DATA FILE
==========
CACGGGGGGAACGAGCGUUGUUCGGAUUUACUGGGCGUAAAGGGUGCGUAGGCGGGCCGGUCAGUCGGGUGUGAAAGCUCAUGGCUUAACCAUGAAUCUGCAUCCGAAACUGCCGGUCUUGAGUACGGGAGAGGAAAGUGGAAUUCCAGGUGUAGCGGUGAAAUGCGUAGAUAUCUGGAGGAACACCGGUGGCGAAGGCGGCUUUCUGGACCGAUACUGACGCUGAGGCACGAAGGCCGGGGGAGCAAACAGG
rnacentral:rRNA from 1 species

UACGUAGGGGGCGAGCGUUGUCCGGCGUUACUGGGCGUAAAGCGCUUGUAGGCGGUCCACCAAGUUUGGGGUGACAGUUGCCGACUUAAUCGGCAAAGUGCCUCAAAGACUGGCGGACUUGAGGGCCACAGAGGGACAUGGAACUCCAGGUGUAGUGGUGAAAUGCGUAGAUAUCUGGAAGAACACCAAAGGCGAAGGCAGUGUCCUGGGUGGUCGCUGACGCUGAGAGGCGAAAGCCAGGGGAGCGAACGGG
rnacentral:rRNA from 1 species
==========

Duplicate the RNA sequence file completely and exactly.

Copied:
CACGGGGGGAACGAGCGUUGUUCGGAUUUACUGGGCGUAAAGGGUGCGUAGGCGGGCCGGUCAGUCGGGUGUGAAAGCUCAUGGCUUAACCAUGAAUCUGCAUCCGAAACUGCCGGUCUUGAGUACGGGAGAGGAAAGUGGAAUUCCAGGUGUAGCGGUGAAAUGCGUAGAUAUCUGGAGGAACACCGGUGGCGAAGGCGGCUUUCUGGACCGAUACUGACGCUGAGGCACGAAGGCCGGGGGAGCAAACAGG
rnacentral:rRNA from 1 species

UACGUAGGGGGCGAGCGUUGUCCGGCGUUACUGGGCGUAAAGCGCUUGUAGGCGGUCCACCAAGUUUGGGGUGACAGUUGCCGACUUAAUCGGCAAAGUGCCUCAAAGACUGGCGGACUUGAGGGCCACAGAGGGACAUGGAACUCCAGGUGUAGUGGUGAAAUGCGUAGAUAUCUGGAAGAACACCAAAGGCGAAGGCAGUGUCCUGGGUGGUCGCUGACGCUGAGAGGCGAAAGCCAGGGGAGCGAACGGG
rnacentral:rRNA from 1 species